Sometimes I have to go to the wilderness to experience real life, to get away from all things man-made. It is a place where I will likely become a meal for mosquitoes—where the unexpected is to be expected—a place where there are wolves and bears. And once there, I will tackle activities that I don’t always feel completely prepared for. The wilderness answers some of the questions that we have about ourselves.
Can we cope without watches, telephones, running water, and electricity? Do we have the emotional and physical strength to handle severe weather conditions, or long tedious portages, while our bodies are loaded down with heavy packs and canoes? The answers are out there.
The wilderness invites us to cooperate with, and experience all that it has to offer. As we subject ourselves to the possibilities, we are gifted with the knowledge that we can live up to the rigors, and we can live simply, with only the bare necessities, and enjoy it. And we are blessed with the sights and sounds of a place still nearly as pristine as God created it. It is unbelievably refreshing and restful.
The wilderness can sometimes be raw and dangerous, or it can be peaceful and comfortable, allowing us to bask in the pleasure of just being there—but always, always it is beautiful and giving.
I can’t help but believe that our vast array of technological advances and modern conveniences have robbed us of some of life’s simplest pleasures: A small
crackling fire providing us with inspiration and heat to cook delicious meals in the open air. A cup of “cowboy” coffee warming our bodies on a cool morning. A misty sunrise over a dead-calm lake. The scent of the lake water. The aroma of a pine forest. The lonely and mournful howl of wolves across the lake. The haunting song of the loons. The sight of eagles soaring gracefully in the sky.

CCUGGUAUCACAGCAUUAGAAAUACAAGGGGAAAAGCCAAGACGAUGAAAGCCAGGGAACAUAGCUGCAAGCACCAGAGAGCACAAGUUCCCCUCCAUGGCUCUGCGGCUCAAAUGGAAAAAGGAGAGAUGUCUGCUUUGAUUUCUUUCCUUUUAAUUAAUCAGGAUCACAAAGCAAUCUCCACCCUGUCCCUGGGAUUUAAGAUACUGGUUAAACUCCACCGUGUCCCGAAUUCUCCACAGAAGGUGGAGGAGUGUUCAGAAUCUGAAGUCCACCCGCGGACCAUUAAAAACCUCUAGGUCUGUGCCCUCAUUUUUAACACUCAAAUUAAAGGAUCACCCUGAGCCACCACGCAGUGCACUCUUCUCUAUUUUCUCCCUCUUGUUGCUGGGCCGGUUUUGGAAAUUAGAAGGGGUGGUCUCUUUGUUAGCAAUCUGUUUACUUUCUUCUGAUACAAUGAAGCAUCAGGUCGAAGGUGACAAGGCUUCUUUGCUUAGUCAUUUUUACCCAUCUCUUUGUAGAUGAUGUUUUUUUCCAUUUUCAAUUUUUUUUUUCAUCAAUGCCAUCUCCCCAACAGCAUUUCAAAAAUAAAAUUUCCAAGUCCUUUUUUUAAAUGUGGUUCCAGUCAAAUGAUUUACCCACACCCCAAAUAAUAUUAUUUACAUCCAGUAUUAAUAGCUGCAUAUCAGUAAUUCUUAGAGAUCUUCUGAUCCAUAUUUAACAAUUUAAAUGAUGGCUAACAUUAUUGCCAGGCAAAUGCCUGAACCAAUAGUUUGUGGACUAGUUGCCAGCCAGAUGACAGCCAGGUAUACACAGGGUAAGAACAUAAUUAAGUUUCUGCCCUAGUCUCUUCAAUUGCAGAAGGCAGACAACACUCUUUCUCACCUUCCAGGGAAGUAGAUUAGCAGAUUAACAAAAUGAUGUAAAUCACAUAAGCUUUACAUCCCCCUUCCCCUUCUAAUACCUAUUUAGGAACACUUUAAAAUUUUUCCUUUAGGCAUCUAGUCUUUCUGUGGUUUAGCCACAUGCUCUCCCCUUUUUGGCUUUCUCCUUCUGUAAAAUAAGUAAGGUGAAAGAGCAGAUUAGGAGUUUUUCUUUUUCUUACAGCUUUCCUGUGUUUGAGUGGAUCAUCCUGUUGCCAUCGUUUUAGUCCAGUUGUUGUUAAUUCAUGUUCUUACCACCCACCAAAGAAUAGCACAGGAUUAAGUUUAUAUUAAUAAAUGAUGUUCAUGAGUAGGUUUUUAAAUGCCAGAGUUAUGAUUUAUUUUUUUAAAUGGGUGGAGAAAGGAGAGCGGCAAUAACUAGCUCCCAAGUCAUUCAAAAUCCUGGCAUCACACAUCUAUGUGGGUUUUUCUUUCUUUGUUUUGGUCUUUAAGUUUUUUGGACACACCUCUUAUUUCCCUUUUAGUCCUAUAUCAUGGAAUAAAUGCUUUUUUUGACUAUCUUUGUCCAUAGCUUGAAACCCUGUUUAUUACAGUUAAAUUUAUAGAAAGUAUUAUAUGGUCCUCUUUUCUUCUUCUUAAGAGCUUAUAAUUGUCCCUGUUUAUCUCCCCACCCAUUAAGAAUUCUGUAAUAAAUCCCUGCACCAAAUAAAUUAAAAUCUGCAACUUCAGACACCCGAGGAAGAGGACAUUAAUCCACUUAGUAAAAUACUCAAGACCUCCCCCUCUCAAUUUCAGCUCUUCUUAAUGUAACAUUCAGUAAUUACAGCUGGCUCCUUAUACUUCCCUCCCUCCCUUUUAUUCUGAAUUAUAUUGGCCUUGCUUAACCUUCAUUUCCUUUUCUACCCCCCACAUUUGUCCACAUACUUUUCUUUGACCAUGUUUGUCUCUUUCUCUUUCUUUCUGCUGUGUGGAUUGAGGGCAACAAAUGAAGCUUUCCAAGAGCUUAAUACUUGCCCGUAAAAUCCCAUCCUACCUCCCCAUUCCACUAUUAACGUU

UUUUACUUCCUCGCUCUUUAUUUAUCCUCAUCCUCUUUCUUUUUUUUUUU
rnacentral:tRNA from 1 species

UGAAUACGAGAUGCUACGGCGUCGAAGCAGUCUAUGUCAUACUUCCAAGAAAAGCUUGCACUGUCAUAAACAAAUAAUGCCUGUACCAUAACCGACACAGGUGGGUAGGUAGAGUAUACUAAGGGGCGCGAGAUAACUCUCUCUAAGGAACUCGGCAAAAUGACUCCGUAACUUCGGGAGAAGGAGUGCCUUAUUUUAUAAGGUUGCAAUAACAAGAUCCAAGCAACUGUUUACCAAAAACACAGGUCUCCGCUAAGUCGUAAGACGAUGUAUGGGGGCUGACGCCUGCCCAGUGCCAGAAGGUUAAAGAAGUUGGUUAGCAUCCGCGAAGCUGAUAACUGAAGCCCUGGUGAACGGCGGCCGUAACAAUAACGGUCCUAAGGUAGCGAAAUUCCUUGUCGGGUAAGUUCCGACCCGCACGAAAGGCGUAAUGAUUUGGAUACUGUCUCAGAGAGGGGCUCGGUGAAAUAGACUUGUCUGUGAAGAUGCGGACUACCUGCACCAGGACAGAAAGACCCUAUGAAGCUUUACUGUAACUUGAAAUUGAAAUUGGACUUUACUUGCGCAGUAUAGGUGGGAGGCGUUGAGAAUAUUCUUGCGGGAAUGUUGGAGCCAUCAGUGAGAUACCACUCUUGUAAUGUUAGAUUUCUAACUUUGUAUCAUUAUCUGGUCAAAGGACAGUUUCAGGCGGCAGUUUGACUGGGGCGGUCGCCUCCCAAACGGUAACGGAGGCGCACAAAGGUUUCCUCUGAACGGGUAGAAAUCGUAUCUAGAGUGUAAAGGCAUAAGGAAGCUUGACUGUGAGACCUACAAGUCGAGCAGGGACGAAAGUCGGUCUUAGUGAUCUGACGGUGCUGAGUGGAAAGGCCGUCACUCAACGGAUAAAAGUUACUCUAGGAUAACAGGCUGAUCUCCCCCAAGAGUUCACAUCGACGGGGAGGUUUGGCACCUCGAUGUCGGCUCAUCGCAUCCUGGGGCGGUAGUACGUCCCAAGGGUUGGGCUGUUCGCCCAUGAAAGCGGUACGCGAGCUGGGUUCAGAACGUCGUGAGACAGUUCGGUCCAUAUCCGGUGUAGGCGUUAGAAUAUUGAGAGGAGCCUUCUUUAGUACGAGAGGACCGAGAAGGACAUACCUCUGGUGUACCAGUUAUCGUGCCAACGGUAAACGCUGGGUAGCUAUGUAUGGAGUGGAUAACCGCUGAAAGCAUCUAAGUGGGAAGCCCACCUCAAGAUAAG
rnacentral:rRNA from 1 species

I go to the wilderness to see a night sky unpolluted by light. A sky where the stars shine brilliantly enough to illuminate my path without a flashlight—where the Milky Way is a broad, shimmering path of silvery specks stretching endlessly from horizon to horizon.
I go to the wilderness to experience real silence. Except for the pleasant sounds of nature — the lapping waves, gentle breezes stirring the pines, bird songs, and crickets — the wilderness is void of man-made sound.
It takes a couple days to decompress. The busyness of our everyday lives has become such a blur of activity and non-stop running, that the shift in activity is at once both a relief and a shock. By day three, the routine of canoeing, fishing, cooking, relaxing, daydreaming, and napping, has become so refreshing, that even the occasional mosquito bite or sudden shower cannot dampen our spirits. We are returning to life out there. And I think that’s what vacation should be about.
For those who are unable to withstand the rigors of such an adventure, there are still places to visit where relaxation can be relearned, and the soul can be refreshed. Amish Country in Ohio is one such place, and a great place to start. The pace is slower, and we are surrounded by a life-style reminiscent of what our grandparents experienced.
Plan to spend a day in Kidron, where you can find everything from Amish hats to 1950’s style dining. The main attraction though, is Lehman’s — a place as good as a museum, where you can take the old-time tools and kitchen wares along home with you. Even those of us who are lucky enough to live here, still enjoy a long relaxing stroll through the aisles of yesteryear. Come for a visit some time. You’ll be glad you did.